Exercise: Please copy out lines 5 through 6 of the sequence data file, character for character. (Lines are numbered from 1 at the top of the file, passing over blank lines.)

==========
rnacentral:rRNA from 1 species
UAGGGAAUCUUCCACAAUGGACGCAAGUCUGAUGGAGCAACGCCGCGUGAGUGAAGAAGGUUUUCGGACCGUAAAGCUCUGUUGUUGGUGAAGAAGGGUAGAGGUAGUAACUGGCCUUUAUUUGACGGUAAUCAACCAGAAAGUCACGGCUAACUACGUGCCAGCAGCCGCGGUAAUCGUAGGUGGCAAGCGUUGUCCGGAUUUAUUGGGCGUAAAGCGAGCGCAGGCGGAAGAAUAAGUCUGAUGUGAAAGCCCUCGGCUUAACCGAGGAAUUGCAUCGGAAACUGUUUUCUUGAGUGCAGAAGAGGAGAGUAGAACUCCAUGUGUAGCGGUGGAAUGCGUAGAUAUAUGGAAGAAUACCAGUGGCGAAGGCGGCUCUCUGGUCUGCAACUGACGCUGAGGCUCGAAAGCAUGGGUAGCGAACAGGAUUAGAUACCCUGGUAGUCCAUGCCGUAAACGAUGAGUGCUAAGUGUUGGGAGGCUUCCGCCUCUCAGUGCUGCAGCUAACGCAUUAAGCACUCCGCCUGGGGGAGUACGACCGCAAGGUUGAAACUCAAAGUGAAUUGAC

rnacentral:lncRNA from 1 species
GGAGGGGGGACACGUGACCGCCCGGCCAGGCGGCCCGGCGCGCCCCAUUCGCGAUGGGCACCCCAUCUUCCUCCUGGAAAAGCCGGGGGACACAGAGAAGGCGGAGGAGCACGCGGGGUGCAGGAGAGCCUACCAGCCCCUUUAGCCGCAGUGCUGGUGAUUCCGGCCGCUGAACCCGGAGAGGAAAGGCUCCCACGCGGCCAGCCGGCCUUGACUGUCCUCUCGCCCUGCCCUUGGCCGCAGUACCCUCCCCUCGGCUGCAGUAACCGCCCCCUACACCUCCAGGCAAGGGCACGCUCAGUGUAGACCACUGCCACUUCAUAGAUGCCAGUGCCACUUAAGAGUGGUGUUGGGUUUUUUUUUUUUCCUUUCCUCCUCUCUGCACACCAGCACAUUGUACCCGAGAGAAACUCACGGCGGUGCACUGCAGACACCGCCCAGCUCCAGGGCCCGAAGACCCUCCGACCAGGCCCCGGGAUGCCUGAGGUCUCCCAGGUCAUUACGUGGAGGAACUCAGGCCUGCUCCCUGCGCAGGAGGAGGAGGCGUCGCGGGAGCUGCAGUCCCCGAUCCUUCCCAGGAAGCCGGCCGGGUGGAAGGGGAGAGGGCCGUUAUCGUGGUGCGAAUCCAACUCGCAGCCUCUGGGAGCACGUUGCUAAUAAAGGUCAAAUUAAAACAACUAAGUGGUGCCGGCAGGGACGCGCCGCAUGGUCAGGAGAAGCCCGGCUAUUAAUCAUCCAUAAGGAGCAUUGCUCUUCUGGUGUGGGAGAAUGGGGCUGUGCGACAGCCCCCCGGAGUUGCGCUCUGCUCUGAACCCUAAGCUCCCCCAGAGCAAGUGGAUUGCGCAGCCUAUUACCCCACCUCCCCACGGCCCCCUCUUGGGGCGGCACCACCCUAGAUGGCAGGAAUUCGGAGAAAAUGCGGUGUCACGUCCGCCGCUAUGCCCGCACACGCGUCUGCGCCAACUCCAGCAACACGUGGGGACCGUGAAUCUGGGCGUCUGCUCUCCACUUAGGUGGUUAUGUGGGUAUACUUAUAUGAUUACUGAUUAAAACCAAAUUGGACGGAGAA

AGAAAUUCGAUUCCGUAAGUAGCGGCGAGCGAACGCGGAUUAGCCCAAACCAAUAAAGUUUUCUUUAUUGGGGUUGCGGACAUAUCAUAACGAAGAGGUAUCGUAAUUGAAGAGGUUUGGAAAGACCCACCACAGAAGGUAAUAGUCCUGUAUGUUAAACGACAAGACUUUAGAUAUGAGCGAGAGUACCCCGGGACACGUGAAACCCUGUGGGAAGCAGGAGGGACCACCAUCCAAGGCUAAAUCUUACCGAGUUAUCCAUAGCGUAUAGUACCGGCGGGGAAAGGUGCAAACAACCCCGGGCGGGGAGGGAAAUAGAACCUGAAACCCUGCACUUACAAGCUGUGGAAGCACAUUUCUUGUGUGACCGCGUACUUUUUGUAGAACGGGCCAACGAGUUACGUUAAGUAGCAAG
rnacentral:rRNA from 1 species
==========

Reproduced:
AGAAAUUCGAUUCCGUAAGUAGCGGCGAGCGAACGCGGAUUAGCCCAAACCAAUAAAGUUUUCUUUAUUGGGGUUGCGGACAUAUCAUAACGAAGAGGUAUCGUAAUUGAAGAGGUUUGGAAAGACCCACCACAGAAGGUAAUAGUCCUGUAUGUUAAACGACAAGACUUUAGAUAUGAGCGAGAGUACCCCGGGACACGUGAAACCCUGUGGGAAGCAGGAGGGACCACCAUCCAAGGCUAAAUCUUACCGAGUUAUCCAUAGCGUAUAGUACCGGCGGGGAAAGGUGCAAACAACCCCGGGCGGGGAGGGAAAUAGAACCUGAAACCCUGCACUUACAAGCUGUGGAAGCACAUUUCUUGUGUGACCGCGUACUUUUUGUAGAACGGGCCAACGAGUUACGUUAAGUAGCAAG
rnacentral:rRNA from 1 species